Doc’s Friends continues to build support from the Wichita community. And work on “Doc” continues. The next phase of work on the plane involves installing avionics, instruments that aid in flying.
The plane’s four engines and their propellers had been rebuilt as of last month. Problems with overheating in the plane’s engines have moved back the timetable from the plane’s joining “Fifi,” the Texas-based B-29 that is only other restored plane of its class capable of flying, from its first flight until later this summer.
Information on “Doc” can be found on www.b-29doc.com.
Pfrimmer himself has been flying high since moving to Rome and serving at Griffiss Base. It was here that he found his calling, and started his family.
“I chose the Air Force because I wanted an education,” Pfrimmer said. “And my older brothers suggested it to me. At the time I had five friends who wanted to join the Army and fight in the Korean War. I wanted more civility, and it was good that I did. All five of my friends died over there.”
Pfrimmer took to his new home almost immediately.
“I love it here in Rome,” Pfrimmer said. “But it’s different than Montana.”
Among the adjustments Pfrimmer made involved local cuisine.
“My friends would always want to go out and get this stuff called tomato pie. It was just tomato sauce on a crust, and I didn’t see the big deal,” Pfrimmer said. “But then I tried it, and I really liked it.”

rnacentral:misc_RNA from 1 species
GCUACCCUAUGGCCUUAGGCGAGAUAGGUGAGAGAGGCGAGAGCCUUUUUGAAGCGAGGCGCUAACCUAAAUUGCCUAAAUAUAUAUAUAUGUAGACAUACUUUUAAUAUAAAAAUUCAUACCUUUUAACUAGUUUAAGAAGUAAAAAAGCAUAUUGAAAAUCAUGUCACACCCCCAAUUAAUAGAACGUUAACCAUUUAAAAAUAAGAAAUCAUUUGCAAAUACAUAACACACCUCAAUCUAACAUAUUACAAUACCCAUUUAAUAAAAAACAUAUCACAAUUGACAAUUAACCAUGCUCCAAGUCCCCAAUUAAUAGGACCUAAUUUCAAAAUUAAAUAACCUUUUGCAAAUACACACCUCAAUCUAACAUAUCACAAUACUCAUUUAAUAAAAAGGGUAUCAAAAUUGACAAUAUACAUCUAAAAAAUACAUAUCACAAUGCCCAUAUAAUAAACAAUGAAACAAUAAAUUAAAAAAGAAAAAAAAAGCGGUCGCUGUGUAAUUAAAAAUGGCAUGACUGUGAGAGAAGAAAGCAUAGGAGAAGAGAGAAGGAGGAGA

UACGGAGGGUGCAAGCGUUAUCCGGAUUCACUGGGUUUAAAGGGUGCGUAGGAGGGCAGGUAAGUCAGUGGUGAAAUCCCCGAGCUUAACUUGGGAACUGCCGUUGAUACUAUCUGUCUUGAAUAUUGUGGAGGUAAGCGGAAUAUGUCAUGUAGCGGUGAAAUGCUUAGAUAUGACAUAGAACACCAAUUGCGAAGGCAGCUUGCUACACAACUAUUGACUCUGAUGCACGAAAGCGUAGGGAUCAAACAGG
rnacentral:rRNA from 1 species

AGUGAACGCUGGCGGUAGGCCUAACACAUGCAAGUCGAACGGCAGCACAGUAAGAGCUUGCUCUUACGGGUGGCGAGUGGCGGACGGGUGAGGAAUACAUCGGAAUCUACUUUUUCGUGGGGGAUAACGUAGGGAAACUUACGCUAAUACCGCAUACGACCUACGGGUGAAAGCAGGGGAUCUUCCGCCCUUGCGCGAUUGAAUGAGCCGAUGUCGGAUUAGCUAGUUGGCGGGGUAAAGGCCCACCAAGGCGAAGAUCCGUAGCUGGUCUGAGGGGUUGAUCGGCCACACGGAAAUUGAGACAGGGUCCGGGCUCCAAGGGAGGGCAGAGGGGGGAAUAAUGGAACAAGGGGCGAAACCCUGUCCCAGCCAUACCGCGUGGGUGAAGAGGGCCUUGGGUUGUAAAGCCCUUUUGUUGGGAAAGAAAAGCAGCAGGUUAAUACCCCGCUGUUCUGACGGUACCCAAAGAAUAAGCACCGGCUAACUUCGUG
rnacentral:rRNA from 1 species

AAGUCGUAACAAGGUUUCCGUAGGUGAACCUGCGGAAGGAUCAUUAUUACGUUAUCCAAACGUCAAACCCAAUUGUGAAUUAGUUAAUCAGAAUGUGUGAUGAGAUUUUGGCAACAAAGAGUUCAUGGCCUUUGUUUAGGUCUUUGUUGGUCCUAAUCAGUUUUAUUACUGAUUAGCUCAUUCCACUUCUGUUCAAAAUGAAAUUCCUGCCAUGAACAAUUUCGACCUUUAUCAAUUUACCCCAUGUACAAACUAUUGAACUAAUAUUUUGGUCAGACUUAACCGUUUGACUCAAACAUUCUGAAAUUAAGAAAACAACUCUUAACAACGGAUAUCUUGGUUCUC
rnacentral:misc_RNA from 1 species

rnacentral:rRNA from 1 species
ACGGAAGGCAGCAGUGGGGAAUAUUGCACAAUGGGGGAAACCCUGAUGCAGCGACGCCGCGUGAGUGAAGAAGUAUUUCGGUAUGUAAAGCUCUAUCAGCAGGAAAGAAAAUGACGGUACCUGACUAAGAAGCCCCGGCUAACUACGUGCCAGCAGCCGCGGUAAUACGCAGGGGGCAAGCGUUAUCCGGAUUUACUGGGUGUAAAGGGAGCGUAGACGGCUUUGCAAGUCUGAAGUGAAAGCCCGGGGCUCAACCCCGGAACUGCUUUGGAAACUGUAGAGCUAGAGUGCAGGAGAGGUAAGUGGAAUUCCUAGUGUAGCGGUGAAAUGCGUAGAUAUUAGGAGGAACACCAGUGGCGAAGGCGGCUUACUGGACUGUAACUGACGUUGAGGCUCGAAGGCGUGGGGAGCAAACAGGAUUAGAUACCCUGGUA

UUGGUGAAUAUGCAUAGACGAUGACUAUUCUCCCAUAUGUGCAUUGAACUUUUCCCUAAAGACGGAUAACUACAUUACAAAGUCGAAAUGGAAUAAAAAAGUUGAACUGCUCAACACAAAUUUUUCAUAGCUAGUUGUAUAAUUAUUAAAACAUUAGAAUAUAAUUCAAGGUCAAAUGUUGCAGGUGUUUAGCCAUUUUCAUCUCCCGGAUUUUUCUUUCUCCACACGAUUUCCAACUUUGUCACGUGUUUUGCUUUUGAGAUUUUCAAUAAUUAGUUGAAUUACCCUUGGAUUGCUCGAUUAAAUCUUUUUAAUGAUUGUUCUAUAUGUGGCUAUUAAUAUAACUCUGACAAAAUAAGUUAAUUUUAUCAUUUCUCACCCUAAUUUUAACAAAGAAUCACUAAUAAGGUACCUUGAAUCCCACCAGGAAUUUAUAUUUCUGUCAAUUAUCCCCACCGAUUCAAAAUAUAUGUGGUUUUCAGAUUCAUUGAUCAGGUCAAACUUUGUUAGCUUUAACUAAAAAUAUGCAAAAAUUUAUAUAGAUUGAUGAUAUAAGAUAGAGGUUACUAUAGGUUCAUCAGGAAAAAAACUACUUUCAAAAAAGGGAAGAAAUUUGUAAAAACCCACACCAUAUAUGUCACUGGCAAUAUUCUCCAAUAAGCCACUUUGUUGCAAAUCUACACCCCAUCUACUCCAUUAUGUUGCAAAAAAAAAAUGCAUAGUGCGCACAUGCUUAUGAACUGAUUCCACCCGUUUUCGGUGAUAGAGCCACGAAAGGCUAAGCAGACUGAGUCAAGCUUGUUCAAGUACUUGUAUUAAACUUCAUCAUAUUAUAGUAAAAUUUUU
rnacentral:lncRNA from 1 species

One thing about Rome Pfrimmer liked immediately was his wife, Trudy Baynes, whom he met at a base dance. By that time he had been assigned as a graphic illustrator.
“We had 18 typists in my squadron,” Pfrimmer said. “Needless to say, that was a few too many. They saw that I could draw and paint and I was reassigned.”
It was after his new assignment as an illustrator that Pfrimmer made his mark as an artist. He did his paintings on the B-29 fleet located at Griffiss, and helped his superiors with various design assignments. Then he was shipped to Iceland.
“I liked Iceland, even though the countryside was rough and they have no trees there,Pfrimmer said. “The whole country is built on one big lava flow.”
Pfrimmer was used to the wild. While growing up in Montana, he enjoyed hiking and fishing and skiing. He’s from a family of artists. His father painted, and among other pursuits was a skiing instructor.
Pfrimmer’s five siblings enjoyed art in various forms. His brother Don is songwriter who lives in Nashville and has written for such performers as Charley Pride and Tim McGraw.
“One day I picked up some pencils and began doodling,” Pfrimmer said. “Before long I was drawing anything I could.”
Pfrimmer retired after working 42 years as a designer at Rome Labs. Trudy has passed on, but he stays in contact with his children, two daughters and a son who for a time painted watercolor portraits. He keeps busy with other activities.
“I still go out dancing, and I still love to ski and go fly-fishing.” Pfrimmer said. “Those are things I used to do in back home. I guess I still have a lot of Montana left in me.”